From banking to investments to retirement funds, online access to an array of financial products offers convenience and clarity for your fiscal future … assuming everything is kept current.
For many, it’s not second nature to update these accounts after a major life event. Some individuals may go years between visits to the “My Account” or “Personal Settings” sections of any financial websites. If a problem arises, having outdated information in these accounts can make it worse.
The Defense Finance and Accounting Service (DFAS) published a suggested DFAS yearly checkup in a recent retiree newsletter; check below for a summary of those tips, many of which can be used for other types of financial accounts.
[RELATED: More Financial News and Guidance From MOAA]
1. Stay connected. This simple step is far from unique to DFAS – be sure your mailing address and email address are up to date. If the site stores more than one address or email account, delete any old or unused options. As more financial providers move away from mailing paper statements, this becomes even more important to track online.
2. A good once-over. DFAS users should check allotments and tax withholding via myPay – the service recommends a yearly check, after finishing tax preparation. For other accounts, don’t assume items like your maximum credit card balance, minimum account balance, or other important numbers will stay set forever – you may have missed a notification, become eligible for a better interest rate, or any number of changes.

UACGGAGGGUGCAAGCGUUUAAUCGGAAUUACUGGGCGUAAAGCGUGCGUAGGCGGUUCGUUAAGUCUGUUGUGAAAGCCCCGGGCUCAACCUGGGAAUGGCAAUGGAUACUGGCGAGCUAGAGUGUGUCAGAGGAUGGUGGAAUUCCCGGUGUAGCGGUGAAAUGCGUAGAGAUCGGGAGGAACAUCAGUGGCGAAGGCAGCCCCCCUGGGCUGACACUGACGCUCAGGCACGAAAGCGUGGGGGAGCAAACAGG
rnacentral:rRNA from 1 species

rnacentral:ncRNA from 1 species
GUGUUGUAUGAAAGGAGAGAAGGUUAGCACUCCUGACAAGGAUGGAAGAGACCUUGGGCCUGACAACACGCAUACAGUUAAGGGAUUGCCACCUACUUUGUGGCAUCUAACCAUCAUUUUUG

3. Change is constant. You should always update your accounts after a move, a divorce, remarriage, or any other significant life event. But these events are significant for a reason – updating online accounts may be the furthest thing from your mind at the time. A regular check-in will prevent any oversights from lasting very long.
4. Beneficiary updates. The DFAS publication stresses the importance of ensuring your Arrears of Pay beneficiary and your Survivor Benefit Plan (SBP) beneficiary are kept current. This lesson carries over to all insurance plans or any other financial product that will be passed down.
Need more help with financial planning? MOAA’s personal financial publications cover estate planning, investing, and much more. They’re available exclusively to Premium and Life members; visit MOAA.org/join to learn more about other benefits of upgraded membership.